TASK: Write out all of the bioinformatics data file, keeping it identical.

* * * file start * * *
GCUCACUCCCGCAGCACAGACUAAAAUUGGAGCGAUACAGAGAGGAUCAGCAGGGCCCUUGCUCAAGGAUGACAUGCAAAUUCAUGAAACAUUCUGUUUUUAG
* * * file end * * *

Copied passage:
GCUCACUCCCGCAGCACAGACUAAAAUUGGAGCGAUACAGAGAGGAUCAGCAGGGCCCUUGCUCAAGGAUGACAUGCAAAUUCAUGAAACAUUCUGUUUUUAG